Confronting Gun Violence
I’ve just come home from watching a movie from my past – maybe yours too – 1984’s The Times of Harvey Milk, by Rob Epstein. For those who don’t remember, or who weren’t born yet, the documentary tells the story of San Francisco’s first openly gay political leader and of his rise from community activist to become a city supervisor (councilor). But it’s also the story of his murder, along with Mayor George Moscone, by a disappointed office-seeker with a gun. Their attacker, Dan White, apparently intended to shoot several other officials as well.(1)
Then I came home, to pick up where I left off with this post on gun violence:
Maura Healey, the attorney general of my liberal state, Massachusetts, took a lot of flak recently for asking Congress to authorize the Centers for Disease Control to study the causes of gun deaths in the same way it studies deaths from auto accidents. She was joined in her appeal by the attorneys general of a dozen other states plus the District of Columbia.(2) They’re calling for repeal of the gun industry-sponsored 1996 amendment that blocks the CDC from using funds “to advocate or promote gun control.” Even former Republican congressman Jay Dickey, the bill’s original sponsor, has acknowledged that the amendment was a mistake – and Dickey was a life member of the NRA.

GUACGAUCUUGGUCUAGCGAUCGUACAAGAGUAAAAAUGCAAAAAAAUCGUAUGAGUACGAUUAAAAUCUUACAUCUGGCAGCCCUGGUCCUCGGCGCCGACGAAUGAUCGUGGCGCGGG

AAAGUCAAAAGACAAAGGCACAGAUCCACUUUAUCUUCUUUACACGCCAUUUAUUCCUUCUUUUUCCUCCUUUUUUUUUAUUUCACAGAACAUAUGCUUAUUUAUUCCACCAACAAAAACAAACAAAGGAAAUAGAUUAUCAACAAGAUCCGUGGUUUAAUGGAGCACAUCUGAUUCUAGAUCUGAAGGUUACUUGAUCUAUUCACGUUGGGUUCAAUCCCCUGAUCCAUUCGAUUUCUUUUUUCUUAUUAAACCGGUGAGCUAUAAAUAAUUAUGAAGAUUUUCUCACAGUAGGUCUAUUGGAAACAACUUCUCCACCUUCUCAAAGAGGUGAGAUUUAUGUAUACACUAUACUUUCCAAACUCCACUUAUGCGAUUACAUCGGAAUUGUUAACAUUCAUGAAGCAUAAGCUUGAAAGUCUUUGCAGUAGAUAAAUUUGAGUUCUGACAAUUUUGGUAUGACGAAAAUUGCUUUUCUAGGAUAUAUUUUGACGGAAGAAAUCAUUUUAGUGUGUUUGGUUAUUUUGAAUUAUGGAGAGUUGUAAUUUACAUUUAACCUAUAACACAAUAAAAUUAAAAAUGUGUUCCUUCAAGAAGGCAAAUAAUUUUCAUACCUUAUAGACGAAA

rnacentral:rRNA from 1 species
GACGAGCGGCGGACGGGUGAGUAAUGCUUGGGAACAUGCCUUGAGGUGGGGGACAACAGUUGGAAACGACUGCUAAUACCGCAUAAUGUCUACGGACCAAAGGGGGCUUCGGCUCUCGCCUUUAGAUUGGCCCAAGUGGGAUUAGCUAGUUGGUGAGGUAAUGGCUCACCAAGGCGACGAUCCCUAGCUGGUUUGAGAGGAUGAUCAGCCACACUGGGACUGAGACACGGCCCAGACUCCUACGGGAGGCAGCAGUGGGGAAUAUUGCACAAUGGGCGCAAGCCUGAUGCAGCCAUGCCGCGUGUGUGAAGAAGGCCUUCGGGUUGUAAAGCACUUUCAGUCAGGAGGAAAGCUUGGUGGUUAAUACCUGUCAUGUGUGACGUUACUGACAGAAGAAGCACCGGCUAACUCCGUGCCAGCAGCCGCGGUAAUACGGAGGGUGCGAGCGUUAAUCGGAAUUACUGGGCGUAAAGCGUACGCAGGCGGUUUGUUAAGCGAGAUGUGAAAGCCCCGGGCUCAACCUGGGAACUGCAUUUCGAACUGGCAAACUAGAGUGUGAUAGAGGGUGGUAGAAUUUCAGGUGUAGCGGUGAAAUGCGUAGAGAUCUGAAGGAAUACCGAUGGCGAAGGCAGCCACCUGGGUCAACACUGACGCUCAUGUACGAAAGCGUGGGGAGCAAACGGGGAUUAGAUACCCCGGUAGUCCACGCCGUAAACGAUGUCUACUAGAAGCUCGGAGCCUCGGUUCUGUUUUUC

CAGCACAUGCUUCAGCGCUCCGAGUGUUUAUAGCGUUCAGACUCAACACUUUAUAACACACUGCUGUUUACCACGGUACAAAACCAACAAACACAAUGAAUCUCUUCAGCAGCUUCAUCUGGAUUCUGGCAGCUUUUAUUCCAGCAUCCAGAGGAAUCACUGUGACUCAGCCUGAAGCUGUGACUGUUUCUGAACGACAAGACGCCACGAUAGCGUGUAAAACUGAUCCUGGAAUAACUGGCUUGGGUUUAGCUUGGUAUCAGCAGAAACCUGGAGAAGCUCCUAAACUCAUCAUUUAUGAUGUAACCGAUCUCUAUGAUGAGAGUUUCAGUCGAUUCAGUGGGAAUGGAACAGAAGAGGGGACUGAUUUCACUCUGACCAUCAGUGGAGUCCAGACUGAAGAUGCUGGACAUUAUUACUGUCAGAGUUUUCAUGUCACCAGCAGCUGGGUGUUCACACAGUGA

In any case, it makes no sense that merely studying gun deaths would automatically lead to changes or restrictions that a majority of gun owners would object to. Even if such a study concluded – as many hope and expect it would – that some form of gun regulation would be a good idea, any proposals to change current laws would still be subject to public discussion, undoubtedly fierce debate, and the need for legislative action.
“As the chief civil or criminal law enforcement officers of our respective states,” Healey wrote, “we are charged with keeping our communities safe, and wee that is ravaging our families and communities.” Her statement to the Boston Globe pointed out that more than 33,000 people die from guns every year in the United States, roughly the same number as from car accid need better evidence-based strategies to combat the epidemic of gun violencents. Cars and drivers, of course, are already subject to regulations designed to promote public safety. Guns and their users are mostly not. If Harvey Milk’s assassin had been armed with a modern assault weapon he could have wiped out the entire San Francisco Board of Supervisors and a great many others as well.
Healey had already attracted the attention and hostility of gun makers when she initiated an investigation into problems with the safety of guns made by Remington and Glock, both of which have sued to block her probe. Far worse, from their point of view, was her announcement of a state ban on sales of guns that are essentially identical, except for minor changes, to weapons already prohibited in Massachusetts.
Massachusetts’ 350 gun dealers immediately took advantage of the controversy, extending their hours and, in at least one case, announcing “Today is your LAST DAY to purchase a semi-automatic weapon in Massachusetts!”